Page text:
Takaka Hill is steep and winding buton theother side is the pot of gold at the end of the rainbow Golden Bay in all its glory.
Leafy campsites at Tukurua. pic. Bennett Slater
The campground itself occupies 12 acres, protected from the onshore breeze by a shelterbelt of flax, phoenix palms and rata. The beach is a delight, with a gentle incline thats ideal for tentative swimmers.
Walkable for miles in both directions, its a quiet spot shared only by your fellow campers and the locals you wont find hordes of day-trippers here.
The campgrounds more than 40 years old, which accounts for the mature grounds with hedgerows and graceful silver birch forming shady avenues for campers and campervanners.
Water restrictions have reduced capacity from 450 to 350, turning what was already a roomy park into one with grassy fields to spare great for the kids to run around in while the rest of park enjoys relative calm.
Built accommodation is also available, for those without tents or a van.
A two-storey block of furnished cabins offers a solid budget option, right next to the beach with peek-through views to the sea. Next to them are a couple of rather swish two-bedroom beach houses nestled amongst the trees. Built in 2009, these have numerous mod cons and their own barbecue and balcony.
The campground itself doesnt sport a huge range of facilities but what there is kitchen, toilets and coin-op showers are functional and clean. ThereisWi-Fi acess, an internet kiosk and a weeny TV, but that is pretty much it.
But this is place where less is more, where you dont need a raft of amenities to enjoy yourself. There is a ramp for the boaties and fish biting offshore, ice cream at the camp shop, and a kiddies program during the summer holidays.
If you fancy exploring or just want to hang out by a quiet, uncrowded beach, this place may well be for you. The Mussel Inn, just down the road at Onekaka a five-minute drive, but possible to reach by walking along the beach (as far as the corroded iron remains of Onekaka Wharf) then up the road to the highway where you take a left. Onekaka is a small coastal community in Golden Bay, at the northwestern tip of the South Island, New Zealand
Be sure to check the tide times, though, unless you areprepared to get your feet wet. One of New Zealands best pubs, this is an unashamedly rustic place with an array of house-brews (including the famous Captain Cooker manuka beer), wholesome food and regular live music.
Golden Bay Holiday Parks central location within the Bay means its not far from the areas other attractions. Day trips can easily be made to the lunar landscape of the Spit and its migratory godwits,Bencarri Nature Park with its slippery eels, or the tracks and treasures of the Abel Tasman and Kahurangi National Parks.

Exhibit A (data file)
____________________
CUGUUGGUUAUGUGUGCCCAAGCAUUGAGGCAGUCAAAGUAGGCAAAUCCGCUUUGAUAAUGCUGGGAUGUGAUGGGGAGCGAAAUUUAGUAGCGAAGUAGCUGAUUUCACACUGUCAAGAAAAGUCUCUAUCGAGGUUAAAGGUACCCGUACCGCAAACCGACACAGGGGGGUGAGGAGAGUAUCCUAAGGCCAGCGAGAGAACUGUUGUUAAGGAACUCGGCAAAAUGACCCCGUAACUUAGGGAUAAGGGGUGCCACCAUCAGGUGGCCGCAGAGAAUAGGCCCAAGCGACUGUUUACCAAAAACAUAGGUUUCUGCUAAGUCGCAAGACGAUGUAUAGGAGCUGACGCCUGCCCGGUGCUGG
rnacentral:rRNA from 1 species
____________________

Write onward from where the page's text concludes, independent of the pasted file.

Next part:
Abel Tasman National Park was founded in 1942, largely through the efforts of ornithologist and author Perrine Moncrieff to have land reserved for the purpose. With a coverage of only 225.3 square kilometres, is the smallest of New Zealand's national parks.
The beaches are gazetted as a Scenic Reserve. The Abel Tasman Coast Track is a popular tramping track which follows the coastline; while an inland route, the Abel Tasman Inland Track, is less frequented. Kayaking, camping and sightseeing are other activities carried out in the park. Classed as one of New Zealand's 'Great Walks', the Abel Tasman's Coastal Track takes between three and five days to complete.
It climbs around headlands and through native forest to a series of beautiful beaches. The track is walkable at any time of the year. A number of kayaking companies run guided tours from Marahau, Kaiteriteri and Golden Bay. For those with only a day to see the park, water taxi companies can provide a personalised mix of sightseeing by boat and track walking. Pre-booking is advised.
Farewell Spit, known to the Maori as Tuhuroa, is said to be the longest natural sandbar in the world. Its mighty sand dunes shelter migratory birds. There are a range of tours to Farewell Spit.
There is a pouwhenua placed by the local iwi to indicate their connection to the spit, and nearby a panel explaining some of their legends. Farewell Spit Eco Tours says the area has been a sanctuary since the 1930's and provides home for over 90 species of bird, most importantly the waders.
Bar tailed godwits, knots, curlews, whimbrels and turnstones fly 12,000km every Northern Hemisphere autumn, to spend the summer in the south. Tides cycles can recede up to seven kilometres and expose about 80 square kilometres of mud flats; a rich feeding ground for the many sea birds but a death trap to the frequently stranded whales.
In 1642 Abel Tasman was the first European to see the spit. He was followed in 1770 by Captain James Cook. The lighthouse on the end of the spit dates from 1870. The Spit is administered by the New Zealand Department of Conservation as a sea bird and wild life reserve. Apart from a small area at the base of the Spit it is closed to the public except through organised tours.
The Nelson Tasman region will host three international rugby teams during Rugby World Cup 2011 in September. Rugby enthusiasts can spend some time learning about why Nelson is the birthplace of Rugby in New Zealand and attend the re-created first Rugby game at the original ground before the first international game Italy vs Russia on 20 September. The following week switch up the focus to support the Italy vs USA game on 27 September, just a few days later, Australia vs Russia on 1 October.
Editors Note: GoSee thanks Fergus Brown CEO of Holiday Accommodation Parks Association of New Zealand (HAPNZ) for providing the basis of this free Information Article for the benefit of GoSeers.
Tukurua beach at dawn. pic. Bennett Slater
Beach house Tukurua. pic. Bennett Slater - Tukurua